Oil Spill Cleanup Uncovers Archaeological Sites04:51
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Forrest Travirca III, looks at an ancient pottery shard he found as he walks along Port Fourchon Beach searching for artifacts from Pre-historic American-Indian settlements in Caminada Headland, La. (AP)
Forrest Travirca III, looks at an ancient pottery shard he found as he walks along Port Fourchon Beach searching for artifacts from Pre-historic American-Indian settlements in Caminada Headland, La. (AP)

The explosion of the Deepwater Horizon oil rig a year and a half ago in the Gulf of Mexico killed dozens, and disrupted the lives of countless others. Now it's bringing one unexpected, positive impact-- new archaeological discoveries.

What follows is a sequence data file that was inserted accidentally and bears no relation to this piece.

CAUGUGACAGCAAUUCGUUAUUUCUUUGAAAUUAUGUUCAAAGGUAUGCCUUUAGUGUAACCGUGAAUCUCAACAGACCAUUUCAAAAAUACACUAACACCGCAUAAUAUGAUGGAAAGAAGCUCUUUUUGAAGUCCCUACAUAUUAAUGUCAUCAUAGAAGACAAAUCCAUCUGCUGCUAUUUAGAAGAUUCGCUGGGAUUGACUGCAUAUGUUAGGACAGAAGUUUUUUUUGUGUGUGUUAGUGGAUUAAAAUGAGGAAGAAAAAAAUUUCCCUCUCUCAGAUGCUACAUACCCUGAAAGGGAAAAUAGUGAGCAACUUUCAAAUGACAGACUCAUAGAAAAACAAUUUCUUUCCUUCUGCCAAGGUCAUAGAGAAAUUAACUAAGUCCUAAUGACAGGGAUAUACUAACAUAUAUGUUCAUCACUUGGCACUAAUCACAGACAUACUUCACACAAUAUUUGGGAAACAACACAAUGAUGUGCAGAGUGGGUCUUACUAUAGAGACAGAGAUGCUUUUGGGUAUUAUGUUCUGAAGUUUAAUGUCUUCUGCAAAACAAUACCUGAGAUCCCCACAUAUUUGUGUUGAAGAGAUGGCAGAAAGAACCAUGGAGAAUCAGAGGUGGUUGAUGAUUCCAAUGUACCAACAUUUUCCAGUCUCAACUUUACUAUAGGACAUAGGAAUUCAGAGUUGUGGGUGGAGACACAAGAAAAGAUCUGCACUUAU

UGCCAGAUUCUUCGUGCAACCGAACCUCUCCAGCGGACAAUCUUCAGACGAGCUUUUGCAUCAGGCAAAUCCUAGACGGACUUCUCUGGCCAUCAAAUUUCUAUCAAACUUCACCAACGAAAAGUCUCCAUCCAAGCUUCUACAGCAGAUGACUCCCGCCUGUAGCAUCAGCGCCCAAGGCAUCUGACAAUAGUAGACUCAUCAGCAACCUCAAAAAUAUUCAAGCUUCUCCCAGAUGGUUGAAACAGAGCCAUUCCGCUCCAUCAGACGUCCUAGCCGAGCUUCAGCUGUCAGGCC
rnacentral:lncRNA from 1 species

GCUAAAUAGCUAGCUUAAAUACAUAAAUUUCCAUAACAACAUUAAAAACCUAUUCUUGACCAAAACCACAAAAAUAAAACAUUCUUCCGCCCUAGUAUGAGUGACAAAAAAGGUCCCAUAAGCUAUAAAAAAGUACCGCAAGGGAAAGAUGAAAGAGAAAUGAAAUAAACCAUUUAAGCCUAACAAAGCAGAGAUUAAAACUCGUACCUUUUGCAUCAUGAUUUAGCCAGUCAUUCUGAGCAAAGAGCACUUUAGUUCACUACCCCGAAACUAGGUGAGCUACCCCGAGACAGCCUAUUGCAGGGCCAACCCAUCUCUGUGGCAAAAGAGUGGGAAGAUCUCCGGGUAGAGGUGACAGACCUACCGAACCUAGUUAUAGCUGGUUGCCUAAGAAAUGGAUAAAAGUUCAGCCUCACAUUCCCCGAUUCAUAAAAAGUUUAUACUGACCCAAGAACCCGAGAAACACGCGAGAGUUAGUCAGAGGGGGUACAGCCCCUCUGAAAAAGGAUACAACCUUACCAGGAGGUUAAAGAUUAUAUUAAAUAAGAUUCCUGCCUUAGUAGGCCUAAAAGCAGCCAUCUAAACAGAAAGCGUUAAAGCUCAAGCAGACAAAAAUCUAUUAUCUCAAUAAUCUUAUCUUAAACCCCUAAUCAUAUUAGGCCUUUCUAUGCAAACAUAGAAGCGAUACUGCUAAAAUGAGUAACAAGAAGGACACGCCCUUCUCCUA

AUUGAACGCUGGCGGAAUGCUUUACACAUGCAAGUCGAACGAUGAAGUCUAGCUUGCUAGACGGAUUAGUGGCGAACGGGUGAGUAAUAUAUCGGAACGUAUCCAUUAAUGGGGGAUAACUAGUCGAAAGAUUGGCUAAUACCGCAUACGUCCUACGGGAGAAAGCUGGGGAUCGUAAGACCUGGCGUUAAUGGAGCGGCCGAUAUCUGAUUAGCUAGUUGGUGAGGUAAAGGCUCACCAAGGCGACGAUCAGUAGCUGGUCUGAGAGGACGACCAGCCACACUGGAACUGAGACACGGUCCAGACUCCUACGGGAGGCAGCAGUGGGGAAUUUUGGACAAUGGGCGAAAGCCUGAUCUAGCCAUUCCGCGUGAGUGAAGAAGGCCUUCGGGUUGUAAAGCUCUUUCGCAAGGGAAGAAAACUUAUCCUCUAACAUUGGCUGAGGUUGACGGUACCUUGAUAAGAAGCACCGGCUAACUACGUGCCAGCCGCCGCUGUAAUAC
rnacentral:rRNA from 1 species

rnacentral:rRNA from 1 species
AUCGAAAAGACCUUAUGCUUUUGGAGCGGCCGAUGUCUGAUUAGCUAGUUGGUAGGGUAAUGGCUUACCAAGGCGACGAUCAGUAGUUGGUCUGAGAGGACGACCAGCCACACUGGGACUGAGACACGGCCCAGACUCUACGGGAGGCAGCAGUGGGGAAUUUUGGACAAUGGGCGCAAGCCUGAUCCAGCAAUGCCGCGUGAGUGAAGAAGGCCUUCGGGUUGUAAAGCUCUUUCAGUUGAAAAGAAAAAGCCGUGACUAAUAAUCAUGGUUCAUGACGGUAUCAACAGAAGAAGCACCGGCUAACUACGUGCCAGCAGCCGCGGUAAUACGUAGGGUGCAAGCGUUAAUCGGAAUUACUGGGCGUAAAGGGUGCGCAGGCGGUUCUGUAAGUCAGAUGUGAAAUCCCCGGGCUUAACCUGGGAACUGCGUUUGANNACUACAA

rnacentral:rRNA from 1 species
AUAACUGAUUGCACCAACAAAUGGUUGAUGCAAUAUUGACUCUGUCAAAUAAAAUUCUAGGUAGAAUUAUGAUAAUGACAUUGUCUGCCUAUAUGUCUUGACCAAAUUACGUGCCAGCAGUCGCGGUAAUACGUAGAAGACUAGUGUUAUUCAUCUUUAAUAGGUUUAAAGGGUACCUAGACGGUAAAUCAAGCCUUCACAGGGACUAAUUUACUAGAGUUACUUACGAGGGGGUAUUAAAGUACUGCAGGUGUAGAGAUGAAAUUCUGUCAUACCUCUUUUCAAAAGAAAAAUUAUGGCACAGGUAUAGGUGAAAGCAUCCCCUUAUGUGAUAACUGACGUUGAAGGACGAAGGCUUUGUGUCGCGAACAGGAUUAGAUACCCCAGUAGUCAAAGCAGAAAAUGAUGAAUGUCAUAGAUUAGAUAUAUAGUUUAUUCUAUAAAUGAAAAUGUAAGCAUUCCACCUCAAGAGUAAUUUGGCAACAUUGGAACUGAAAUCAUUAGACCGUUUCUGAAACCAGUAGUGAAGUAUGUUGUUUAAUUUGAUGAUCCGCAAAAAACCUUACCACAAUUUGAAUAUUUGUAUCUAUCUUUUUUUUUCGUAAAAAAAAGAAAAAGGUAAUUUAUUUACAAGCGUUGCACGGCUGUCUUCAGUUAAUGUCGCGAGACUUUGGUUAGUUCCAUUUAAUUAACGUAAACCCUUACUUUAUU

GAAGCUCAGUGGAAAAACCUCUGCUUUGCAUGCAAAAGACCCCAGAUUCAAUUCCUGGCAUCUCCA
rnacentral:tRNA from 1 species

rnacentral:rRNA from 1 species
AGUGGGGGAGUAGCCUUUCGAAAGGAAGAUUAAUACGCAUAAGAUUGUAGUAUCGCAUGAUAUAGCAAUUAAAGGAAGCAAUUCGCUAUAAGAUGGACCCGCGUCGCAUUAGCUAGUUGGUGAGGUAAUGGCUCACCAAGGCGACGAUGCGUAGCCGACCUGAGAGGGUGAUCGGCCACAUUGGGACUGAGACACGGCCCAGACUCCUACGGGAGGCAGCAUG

Archaeologists traveling with BP workers working to clear the oil from beaches along the Gulf Coast have discovered 60 new archaeological sites in Louisiana alone, and artifacts from these sites are shedding new light on the complexity of Native American civilizations that lived along the Gulf as far back as 15,000 years ago.

Guest:

  • Chip McGimsey, Louisiana State Archaeologist and Director of the state's Division of Archaeology

This segment aired on September 2, 2011.

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